Left-handers Raina and Ali shared a 55-run stand for the fourth wicket and helped Central overcome minor hiccups to overhaul the target of 137 runs with more than a day and half to spare at the Roop Singh Stadium.
Raina, very much under the selectors' microscope, cracked a nonchalant 31 while Ali remained unbeaten on 47 as the two steered Central out of a precarious 37 for three.
Raina's plucky knock contained four hits to the fence and came from 56 balls in 84 minutes while Ali faced 51 balls and struck eight boundaries during his 103-minute stay at the crease.
Naman Ojha was the other not out batsman on 19 and brought the winning runs with an uppish drive to extra-cover fence off Ranadeb Bose in the first ball off the sixth over after lunch on the third day.
Resuming at seven for one, and needing another 130 to win on a dicey track, Central warded off any threat of early inroads by East in the first hour of the day with skipper Mohammad Kaif (17) and Sanjay Bangar (9) playing the sheet anchor role.
The two added 28 runs in 81 minutes from 105 balls, Bangar being the more cautious, his nine runs coming from 74 balls and 123 minutes.
But given the fact that the first two days witnessed the fall of 31 wickets, their extraordinary caution was understandable.
The partnership also showed that reckless shots were as much to be blamed for such a short duration affair, and a contest could be made provided the batsmen applied themselves.
Their association was, however, broken when a sharp incutter from Sanjib Sanyal trapped Kaif plumb in front.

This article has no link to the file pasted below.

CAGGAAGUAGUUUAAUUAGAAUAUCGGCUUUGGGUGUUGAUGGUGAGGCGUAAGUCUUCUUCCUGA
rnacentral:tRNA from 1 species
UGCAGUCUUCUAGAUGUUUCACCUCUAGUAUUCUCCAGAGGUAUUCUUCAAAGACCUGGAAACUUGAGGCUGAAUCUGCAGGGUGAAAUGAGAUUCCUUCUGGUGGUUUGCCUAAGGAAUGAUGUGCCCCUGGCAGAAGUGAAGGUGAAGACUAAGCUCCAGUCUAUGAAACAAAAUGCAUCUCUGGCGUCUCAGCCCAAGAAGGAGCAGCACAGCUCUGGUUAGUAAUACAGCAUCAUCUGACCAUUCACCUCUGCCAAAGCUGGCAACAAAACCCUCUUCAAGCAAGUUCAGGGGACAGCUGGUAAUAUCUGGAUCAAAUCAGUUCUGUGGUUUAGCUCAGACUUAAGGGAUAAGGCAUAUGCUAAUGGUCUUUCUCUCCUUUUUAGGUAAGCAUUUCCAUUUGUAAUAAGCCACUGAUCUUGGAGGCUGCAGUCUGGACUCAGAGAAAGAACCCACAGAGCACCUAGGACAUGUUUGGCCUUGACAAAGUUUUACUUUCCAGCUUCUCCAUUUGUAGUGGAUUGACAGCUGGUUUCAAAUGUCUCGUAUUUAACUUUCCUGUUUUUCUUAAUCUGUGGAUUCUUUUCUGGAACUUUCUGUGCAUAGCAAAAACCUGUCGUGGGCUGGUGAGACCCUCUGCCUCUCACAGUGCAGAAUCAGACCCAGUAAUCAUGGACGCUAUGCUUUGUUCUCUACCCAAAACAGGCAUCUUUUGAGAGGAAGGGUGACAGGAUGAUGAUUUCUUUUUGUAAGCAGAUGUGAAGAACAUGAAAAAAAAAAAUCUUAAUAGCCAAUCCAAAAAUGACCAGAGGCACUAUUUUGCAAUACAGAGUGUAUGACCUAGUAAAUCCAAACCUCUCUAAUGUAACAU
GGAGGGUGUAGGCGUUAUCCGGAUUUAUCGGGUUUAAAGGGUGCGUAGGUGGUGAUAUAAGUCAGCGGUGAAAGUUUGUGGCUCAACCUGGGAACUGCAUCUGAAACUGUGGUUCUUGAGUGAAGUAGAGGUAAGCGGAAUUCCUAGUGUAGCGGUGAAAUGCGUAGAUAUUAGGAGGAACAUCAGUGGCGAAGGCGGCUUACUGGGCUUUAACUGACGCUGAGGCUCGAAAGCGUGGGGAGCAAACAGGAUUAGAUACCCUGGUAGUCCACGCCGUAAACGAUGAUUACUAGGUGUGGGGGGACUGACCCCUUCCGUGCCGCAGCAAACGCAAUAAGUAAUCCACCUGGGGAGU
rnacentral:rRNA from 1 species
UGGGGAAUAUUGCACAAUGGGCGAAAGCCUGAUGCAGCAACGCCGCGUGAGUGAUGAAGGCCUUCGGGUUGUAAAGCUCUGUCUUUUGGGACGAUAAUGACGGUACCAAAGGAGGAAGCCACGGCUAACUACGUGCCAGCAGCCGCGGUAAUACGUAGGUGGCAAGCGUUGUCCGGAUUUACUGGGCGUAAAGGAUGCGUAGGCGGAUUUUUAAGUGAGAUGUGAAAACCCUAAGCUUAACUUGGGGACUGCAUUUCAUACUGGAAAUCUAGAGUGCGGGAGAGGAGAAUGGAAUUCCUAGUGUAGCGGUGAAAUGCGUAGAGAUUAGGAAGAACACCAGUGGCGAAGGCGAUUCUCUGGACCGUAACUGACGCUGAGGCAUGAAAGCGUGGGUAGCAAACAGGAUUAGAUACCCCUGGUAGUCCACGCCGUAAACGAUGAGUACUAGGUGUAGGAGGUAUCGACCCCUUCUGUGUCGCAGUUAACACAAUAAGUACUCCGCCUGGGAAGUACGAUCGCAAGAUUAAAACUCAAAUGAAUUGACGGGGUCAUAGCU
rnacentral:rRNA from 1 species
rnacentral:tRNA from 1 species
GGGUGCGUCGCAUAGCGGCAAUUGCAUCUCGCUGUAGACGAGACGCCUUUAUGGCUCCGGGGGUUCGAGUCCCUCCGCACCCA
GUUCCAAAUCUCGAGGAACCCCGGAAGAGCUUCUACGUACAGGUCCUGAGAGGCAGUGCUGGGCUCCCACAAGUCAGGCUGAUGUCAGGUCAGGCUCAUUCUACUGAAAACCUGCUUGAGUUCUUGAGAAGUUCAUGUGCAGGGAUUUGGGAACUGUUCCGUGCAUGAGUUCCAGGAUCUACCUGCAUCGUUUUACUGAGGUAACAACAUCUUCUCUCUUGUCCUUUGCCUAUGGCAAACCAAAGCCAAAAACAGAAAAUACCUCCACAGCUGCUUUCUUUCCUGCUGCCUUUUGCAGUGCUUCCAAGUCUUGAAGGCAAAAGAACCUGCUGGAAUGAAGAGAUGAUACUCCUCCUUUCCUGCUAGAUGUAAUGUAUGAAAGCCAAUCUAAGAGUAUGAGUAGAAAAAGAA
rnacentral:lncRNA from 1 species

Bangar then fended at a wide delivery from Bose and Mahendra Singh Dhoni took a tumbling catch infront of first slip, his eighth victim of the match.
But East then failed to apply the pressure and let the rivals off the hook with some wayward bowling.
Sanyal, in particular, was guilty of bowling too short to the extent of being ruled wide. On a pitch of two paced and variable bounce, he kept digging in, hoping to induce a mishook from the batsmen.
But both Raina and Ali were adept in their horizontal strokes and in complete control of their shots.
After pulling Sanyal through backward square-leg, Raina rubbed salt with a couple of stylish drives, one of them teasingly hanging in the air between cover and mid-off.
Raina, however, succumbed to his ambitions when he failed to read Bose's straighter one. The right-arm medium pacer had throughout hit the spots where the ball had kept below standard hit, and this time succeeded in breaking through the defence of the left-hander.
But Ali continued without trouble and found the right support in wicketkeeper batsman Naman Ojha.